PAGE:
> >> channel exists to a panel, the driver should parse video timings
> >> from the EDID.
> > That pretty well summarizes things.
> I love how EDID keeps getting brought up in discussions how how to
> handle non-EDID devices. If anyone had EDIDs, we'd use them because
> that's easy, but we don't.
This is mainly in reference to recent discussions on eDP panels which
do have EDID and even a standard connector including power (though I'd
guess not required). So a generic-ish compatible makes sense in that
context as it has some meaning behind it.
> >> One thing that's not clear to me is whether or not we want to allow
> >> video timings to be specified in DT. I used to think that we didn't,
> >> because the video timings are implied by the specific compatible string
> >> (which we already determined is mandatory anyway), but the panel-lvds
> >> bindings suggest that from a device tree perspective this would be fine?
> >> I also notice that the panel-lvds doesn't make any provisions for power
> >> sequences. The same is true for panel-dpi. Are both LVDS and DPI panels
> >> always guaranteed not to need any specific power sequences?
> > As long as the specific compatible is there, I'd don't really care
> > that much. I think we've found over time with the LVDS binding that
> > the specific compatible ends up being needed.
> > I'm fine with timings in DT, but I'm on the fence whether a
> > 'panel-dpi' compatible is a good thing or not. At least with LVDS,
> > that implies something about the interface. For DPI, there is no
> > standard really (MIPI does define something, but following MIPI is
> > pretty optional). There's lots of ways to wire up the data lines. It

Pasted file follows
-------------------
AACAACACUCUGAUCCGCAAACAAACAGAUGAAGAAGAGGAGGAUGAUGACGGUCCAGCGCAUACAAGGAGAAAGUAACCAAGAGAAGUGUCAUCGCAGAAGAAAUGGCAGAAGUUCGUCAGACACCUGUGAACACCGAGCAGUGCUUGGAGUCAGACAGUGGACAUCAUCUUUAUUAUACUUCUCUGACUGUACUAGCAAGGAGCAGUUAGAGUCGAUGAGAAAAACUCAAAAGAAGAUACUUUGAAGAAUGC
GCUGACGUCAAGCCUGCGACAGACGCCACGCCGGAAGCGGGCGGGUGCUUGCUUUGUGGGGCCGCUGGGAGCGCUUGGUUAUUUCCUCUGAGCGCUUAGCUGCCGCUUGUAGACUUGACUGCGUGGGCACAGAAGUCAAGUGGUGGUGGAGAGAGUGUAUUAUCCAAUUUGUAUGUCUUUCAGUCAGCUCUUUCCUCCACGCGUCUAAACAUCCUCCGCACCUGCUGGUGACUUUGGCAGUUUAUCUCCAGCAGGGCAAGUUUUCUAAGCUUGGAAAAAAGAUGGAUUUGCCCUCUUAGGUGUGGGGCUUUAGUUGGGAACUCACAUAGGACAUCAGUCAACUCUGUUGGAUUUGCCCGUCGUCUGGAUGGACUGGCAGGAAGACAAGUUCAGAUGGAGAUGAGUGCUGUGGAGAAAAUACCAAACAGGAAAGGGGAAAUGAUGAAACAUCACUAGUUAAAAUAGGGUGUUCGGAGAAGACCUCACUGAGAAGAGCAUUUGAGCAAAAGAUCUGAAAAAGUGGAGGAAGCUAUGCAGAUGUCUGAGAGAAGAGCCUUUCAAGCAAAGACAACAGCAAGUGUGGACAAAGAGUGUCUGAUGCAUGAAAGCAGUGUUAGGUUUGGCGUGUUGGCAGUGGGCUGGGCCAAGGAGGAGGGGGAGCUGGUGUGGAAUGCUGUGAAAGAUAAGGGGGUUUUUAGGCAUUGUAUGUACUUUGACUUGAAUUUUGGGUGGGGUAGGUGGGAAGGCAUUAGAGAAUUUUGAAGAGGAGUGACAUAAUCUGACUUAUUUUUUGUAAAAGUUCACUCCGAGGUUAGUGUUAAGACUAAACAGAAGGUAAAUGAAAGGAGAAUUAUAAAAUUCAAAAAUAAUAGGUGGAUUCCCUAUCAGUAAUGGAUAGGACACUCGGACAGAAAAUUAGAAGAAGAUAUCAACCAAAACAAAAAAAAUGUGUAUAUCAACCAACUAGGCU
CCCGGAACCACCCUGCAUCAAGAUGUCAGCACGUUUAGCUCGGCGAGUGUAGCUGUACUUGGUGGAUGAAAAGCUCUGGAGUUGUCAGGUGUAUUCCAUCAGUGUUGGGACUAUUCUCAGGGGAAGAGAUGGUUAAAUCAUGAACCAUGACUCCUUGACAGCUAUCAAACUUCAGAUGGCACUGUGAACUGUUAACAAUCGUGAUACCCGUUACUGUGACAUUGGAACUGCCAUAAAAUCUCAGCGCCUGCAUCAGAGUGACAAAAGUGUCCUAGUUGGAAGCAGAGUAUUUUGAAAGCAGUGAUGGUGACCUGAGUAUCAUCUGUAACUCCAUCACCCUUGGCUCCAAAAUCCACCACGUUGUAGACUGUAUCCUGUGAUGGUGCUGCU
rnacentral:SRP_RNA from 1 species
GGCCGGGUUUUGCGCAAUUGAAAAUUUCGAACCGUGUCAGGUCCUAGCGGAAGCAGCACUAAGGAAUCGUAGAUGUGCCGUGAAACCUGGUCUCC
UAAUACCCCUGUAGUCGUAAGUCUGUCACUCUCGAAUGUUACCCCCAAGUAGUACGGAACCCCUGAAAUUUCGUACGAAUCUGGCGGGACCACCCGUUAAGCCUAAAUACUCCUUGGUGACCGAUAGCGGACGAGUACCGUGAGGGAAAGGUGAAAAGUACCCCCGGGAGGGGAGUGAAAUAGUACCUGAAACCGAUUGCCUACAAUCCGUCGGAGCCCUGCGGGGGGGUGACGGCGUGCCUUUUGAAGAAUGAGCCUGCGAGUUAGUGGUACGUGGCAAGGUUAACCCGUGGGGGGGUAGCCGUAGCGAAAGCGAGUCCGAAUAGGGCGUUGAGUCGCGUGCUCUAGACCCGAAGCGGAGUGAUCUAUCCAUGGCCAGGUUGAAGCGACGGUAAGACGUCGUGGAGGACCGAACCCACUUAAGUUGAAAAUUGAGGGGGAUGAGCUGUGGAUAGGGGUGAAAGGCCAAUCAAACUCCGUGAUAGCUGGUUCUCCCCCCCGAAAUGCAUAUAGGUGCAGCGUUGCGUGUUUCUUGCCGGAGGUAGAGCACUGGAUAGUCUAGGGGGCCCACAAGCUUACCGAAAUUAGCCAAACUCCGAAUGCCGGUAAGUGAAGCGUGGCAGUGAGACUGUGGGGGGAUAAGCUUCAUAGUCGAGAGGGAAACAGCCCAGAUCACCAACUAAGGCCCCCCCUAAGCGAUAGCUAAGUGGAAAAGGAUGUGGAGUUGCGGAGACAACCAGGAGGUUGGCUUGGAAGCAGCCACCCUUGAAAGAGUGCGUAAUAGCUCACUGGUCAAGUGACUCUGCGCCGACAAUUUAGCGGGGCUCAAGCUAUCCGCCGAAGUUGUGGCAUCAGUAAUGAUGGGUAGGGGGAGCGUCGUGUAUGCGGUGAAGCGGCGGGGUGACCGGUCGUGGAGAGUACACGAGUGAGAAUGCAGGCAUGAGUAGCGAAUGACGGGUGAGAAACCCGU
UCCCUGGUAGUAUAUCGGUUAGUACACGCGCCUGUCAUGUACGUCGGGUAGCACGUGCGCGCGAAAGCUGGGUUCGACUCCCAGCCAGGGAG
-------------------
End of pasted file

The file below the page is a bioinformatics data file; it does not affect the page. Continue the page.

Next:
> > could be a continual addition of timing flags which I don't want to
> > see. My controller has fine grained clock controls and I need to
> > control the duty cycle or delay the pixel clock some number of ns, for
> > example. I think most of that goes away with LVDS.
> I think now that we have 85 struct panel_desc in panel-simple.c, we can
> just go look at what's actually needed to drive panels. Detailed power
> timing requirements are infrequently needed, being specified for 23 of
One thing to consider is whether power timing was added later or in
general if the panels' data changed at all. Having incomplete bindings
that have to evolve is one part of what we try to avoid.
And do any of the others (not 23) just not have power control at all
(because firmware turns on power or the platform doesn't have power
> I keep hearing that more detailed timing is necessary, so I
> looked at the other non-DSI, non-SPI panels in tree (since those should
> always require a driver for their register writes) and found a total of:
> - panel-arm-versatile: has register writes to a syscon
> - olinuxino: reads modes from an eeprom.
> - seiko-43wvf1g: has two power rails to manage
> - panel-lvds: is basically doing the thing people are asking panel-dpi
> to do but for lvds.
> If DT is supposed to "describe the hardware" as people keep telling me,
> then I think we have strong evidence of commonality between hardware
> that could be described in data instead of code, using panel-simple's
> data structures as the model.
"describe the h/w" also means the h/w description doesn't evolve
because the h/w itself doesn't evolve.
That being said, I'm not against moving things to DT if that's the
right answer. Sometimes we don't know and it is better to put data in
the kernel until it is clear what should and shouldn't go in DT.